Can I build a farm jeep using my Wrangler?

That is a common question we receive here at Farm Jeep.  A similar question was just ask on the Early CJ5 forum and it reminded us that we had intended to respond here to the email sent by Denny last summer.  Here is the message –

Hello gentlemen,
I have a 1994 jeep wrangler 4cyl.
Surprisingly tough little jeep, and super strong in 4lo.
Have wondered if there would be any way to adapt it to cultivate my modest agricultural land. Plow, rake, till, drag, mow, level, etc. Sort of a medium duty tractor substitute.

and Barry’s response –

We have been asked similar questions many times.  This is really out of our knowledge zone.  But that doesn’t keep us from offering advice. That advice would be to buy a compact utility tractor if you plan on doing anything other than using pull-type implements.
The original design of the argri-jeeps and the early CJ version didn’t include a hydraulic lift.  They assumed that the small farmer, their target market, would use the implements they had on hand and had used with draft animals.  After WWII there were still many farms with 40 acres and two mules.  I won’t go into agricultural history, but just say that it is safe to say that any modern jeep can be used as a tractor when using these old pull and ground driven implements.  In fact I know that many people are using their jeeps this way today.
– Some more info

Denny’s note got us thinking about how we might equip a modern jeep to do tractor work.  Basically, that would mean adding a lift and PTO.  After some searching, we came across this T-Point-Lift-Vehicle-SUV-UTV-3-Point-Hitch  that appeared to be a quick solution for the 3 point hitch,  We attempted to contact the company via email to see if any of their customers might be jeep owners, but never received a response. 
The search for a PTO solution was not successful,  We were assuming we would need to find a hydraulic rather than a mechanical PTO.  We assume a unit could be fabricated, but did not find a ready-made device.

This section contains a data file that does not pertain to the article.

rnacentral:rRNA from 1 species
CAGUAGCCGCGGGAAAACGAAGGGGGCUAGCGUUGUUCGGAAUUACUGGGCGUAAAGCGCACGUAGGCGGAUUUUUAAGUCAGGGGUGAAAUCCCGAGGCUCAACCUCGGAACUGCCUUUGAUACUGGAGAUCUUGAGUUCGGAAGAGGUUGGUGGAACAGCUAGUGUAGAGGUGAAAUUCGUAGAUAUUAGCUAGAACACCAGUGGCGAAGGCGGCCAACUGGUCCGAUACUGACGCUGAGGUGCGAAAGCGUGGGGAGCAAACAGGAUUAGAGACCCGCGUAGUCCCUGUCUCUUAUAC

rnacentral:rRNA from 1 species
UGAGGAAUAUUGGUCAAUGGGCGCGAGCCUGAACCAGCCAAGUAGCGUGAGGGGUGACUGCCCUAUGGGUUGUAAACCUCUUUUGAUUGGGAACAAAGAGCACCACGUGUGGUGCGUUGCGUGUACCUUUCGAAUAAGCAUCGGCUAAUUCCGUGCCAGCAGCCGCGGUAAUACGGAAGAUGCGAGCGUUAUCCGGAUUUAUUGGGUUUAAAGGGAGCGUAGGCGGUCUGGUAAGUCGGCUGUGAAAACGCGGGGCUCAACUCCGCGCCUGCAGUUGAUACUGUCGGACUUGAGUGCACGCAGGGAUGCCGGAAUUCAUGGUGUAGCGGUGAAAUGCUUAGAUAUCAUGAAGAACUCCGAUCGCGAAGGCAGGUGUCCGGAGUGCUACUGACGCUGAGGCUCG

We did find a number of videos showing modern jeeps towing pull type implements, including this comparison  Farming with a 1953 Willys CJ3a and 2013 Jeep Wrangler Unlimited.  

Summer tractor and jeep shows got in our way and we left doing more to answer the question for another day.

– That day 

After seeing the note on the the Early CJ forum (in this case a 1971 CJ5) we decided it was time to revisit the question.  Barry responded to the post saying that he would invest in a Ford 8N or similar tractor for the lift and PTO work the poster wanted to be able to do.  The jeep is still invaluable for hauling and towing.  An 8N can be found for between $2K-$3K, often with a mower (one of the posters tasks).  The above mentioned T-Point Lift was on sale for $1530, but would not provide for the PTO.  The 8N and similar model tractors were the chief competitors of the Farm Jeep and, like the jeep, are easy to work on and parts are readily available.

So did we answer the question?  Sort of.   You can use any jeep to pull implements and with something like the T-Point Lift you could use any modern 3 point implement not requiring a PTO.  But without the PTO we don’t believe it wouldn’t be a farm jeep in the traditional meaning..

– And then

There is, as Evan often says, a reason the Farm Jeep isn’t still around.  The truth is it isn’t a very good tractor. The turning radius makes it hard to use in small fields.  You can’t see the implement from the driver’s seat the way you can on a tractor.  For the farmer of limited means, the farm jeep was a good enough tractor and much better than draft animals.

For the non-field work, a jeep. old or new, is a great farm tool.  Most modern farmers have turned to UTVs for non-field work jobs.  But in a jeep can still do things no UTV  – or tractor – can do, such as driving into town for supplies.  And you can use it as your daily driver.  Get a Jeep!

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